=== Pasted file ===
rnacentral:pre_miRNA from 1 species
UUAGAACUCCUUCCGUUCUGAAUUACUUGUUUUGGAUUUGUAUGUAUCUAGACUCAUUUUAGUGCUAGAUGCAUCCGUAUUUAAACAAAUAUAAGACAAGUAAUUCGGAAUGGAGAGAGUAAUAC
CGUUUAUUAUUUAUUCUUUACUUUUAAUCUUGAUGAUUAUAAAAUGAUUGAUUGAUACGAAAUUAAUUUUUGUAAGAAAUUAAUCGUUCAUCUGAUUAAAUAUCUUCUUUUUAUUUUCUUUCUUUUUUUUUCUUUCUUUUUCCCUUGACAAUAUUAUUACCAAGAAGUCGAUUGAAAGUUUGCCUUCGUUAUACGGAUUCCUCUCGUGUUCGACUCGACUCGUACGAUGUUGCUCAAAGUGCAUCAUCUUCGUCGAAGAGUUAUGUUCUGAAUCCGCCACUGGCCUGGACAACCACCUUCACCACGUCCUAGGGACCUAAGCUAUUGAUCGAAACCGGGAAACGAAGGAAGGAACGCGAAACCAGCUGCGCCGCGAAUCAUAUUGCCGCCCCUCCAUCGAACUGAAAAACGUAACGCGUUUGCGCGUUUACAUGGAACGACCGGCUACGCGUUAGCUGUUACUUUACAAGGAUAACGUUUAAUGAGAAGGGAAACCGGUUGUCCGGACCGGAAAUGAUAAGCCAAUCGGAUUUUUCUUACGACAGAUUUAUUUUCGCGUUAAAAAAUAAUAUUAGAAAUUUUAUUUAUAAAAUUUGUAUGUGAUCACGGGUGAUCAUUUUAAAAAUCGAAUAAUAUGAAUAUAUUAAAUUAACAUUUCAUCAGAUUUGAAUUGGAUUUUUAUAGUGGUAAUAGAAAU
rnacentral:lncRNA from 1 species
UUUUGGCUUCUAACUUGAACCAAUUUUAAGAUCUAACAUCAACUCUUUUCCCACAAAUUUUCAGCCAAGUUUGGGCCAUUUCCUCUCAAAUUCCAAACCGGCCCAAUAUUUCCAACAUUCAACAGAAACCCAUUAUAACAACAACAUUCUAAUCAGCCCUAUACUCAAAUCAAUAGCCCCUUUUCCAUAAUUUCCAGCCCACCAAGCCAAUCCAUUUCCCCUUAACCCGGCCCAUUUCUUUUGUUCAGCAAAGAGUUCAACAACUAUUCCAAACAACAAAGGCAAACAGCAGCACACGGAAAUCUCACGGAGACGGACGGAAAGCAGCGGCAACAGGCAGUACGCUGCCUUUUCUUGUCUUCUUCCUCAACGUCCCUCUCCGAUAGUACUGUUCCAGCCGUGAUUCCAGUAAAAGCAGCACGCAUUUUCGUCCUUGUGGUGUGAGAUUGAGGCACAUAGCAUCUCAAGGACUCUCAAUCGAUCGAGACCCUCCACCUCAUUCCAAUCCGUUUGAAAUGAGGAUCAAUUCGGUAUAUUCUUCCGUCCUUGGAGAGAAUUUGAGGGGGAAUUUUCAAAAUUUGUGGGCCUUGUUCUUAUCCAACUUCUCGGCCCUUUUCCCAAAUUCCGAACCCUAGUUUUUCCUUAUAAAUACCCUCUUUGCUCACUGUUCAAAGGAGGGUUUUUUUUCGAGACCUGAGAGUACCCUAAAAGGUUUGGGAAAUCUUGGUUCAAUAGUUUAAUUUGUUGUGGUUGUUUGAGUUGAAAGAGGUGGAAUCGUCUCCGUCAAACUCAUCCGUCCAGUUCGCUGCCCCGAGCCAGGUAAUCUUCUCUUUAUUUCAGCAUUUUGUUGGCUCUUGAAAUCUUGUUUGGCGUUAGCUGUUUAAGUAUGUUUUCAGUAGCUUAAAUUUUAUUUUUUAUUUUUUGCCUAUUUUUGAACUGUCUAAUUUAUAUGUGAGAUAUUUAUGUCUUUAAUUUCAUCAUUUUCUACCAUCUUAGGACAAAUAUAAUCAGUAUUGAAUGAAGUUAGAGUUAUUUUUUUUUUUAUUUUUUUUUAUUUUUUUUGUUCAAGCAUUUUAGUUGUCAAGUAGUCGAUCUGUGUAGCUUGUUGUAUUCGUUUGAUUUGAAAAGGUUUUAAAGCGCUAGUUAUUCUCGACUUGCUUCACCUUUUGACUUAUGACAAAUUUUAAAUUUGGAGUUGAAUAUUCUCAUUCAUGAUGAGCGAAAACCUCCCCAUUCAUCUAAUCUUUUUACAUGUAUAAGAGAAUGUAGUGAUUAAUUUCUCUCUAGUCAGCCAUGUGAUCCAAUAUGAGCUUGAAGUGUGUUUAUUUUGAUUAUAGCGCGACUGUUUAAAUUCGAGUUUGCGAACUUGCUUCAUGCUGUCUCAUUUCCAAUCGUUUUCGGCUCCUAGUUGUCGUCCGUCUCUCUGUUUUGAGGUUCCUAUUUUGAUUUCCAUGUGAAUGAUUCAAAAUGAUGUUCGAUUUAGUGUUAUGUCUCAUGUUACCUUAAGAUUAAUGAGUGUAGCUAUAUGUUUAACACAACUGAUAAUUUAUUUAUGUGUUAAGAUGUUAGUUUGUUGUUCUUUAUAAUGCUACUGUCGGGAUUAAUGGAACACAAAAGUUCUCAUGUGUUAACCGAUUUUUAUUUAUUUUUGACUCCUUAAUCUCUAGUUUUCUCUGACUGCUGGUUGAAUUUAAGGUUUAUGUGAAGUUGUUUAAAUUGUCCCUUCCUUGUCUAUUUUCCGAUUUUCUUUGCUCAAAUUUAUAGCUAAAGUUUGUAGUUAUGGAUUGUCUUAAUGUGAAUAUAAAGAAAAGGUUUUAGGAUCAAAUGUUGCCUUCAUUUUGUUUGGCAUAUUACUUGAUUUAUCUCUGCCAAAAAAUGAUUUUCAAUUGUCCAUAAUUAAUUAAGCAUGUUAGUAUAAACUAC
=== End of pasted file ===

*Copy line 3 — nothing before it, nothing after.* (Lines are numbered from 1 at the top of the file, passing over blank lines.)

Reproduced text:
CGUUUAUUAUUUAUUCUUUACUUUUAAUCUUGAUGAUUAUAAAAUGAUUGAUUGAUACGAAAUUAAUUUUUGUAAGAAAUUAAUCGUUCAUCUGAUUAAAUAUCUUCUUUUUAUUUUCUUUCUUUUUUUUUCUUUCUUUUUCCCUUGACAAUAUUAUUACCAAGAAGUCGAUUGAAAGUUUGCCUUCGUUAUACGGAUUCCUCUCGUGUUCGACUCGACUCGUACGAUGUUGCUCAAAGUGCAUCAUCUUCGUCGAAGAGUUAUGUUCUGAAUCCGCCACUGGCCUGGACAACCACCUUCACCACGUCCUAGGGACCUAAGCUAUUGAUCGAAACCGGGAAACGAAGGAAGGAACGCGAAACCAGCUGCGCCGCGAAUCAUAUUGCCGCCCCUCCAUCGAACUGAAAAACGUAACGCGUUUGCGCGUUUACAUGGAACGACCGGCUACGCGUUAGCUGUUACUUUACAAGGAUAACGUUUAAUGAGAAGGGAAACCGGUUGUCCGGACCGGAAAUGAUAAGCCAAUCGGAUUUUUCUUACGACAGAUUUAUUUUCGCGUUAAAAAAUAAUAUUAGAAAUUUUAUUUAUAAAAUUUGUAUGUGAUCACGGGUGAUCAUUUUAAAAAUCGAAUAAUAUGAAUAUAUUAAAUUAACAUUUCAUCAGAUUUGAAUUGGAUUUUUAUAGUGGUAAUAGAAAU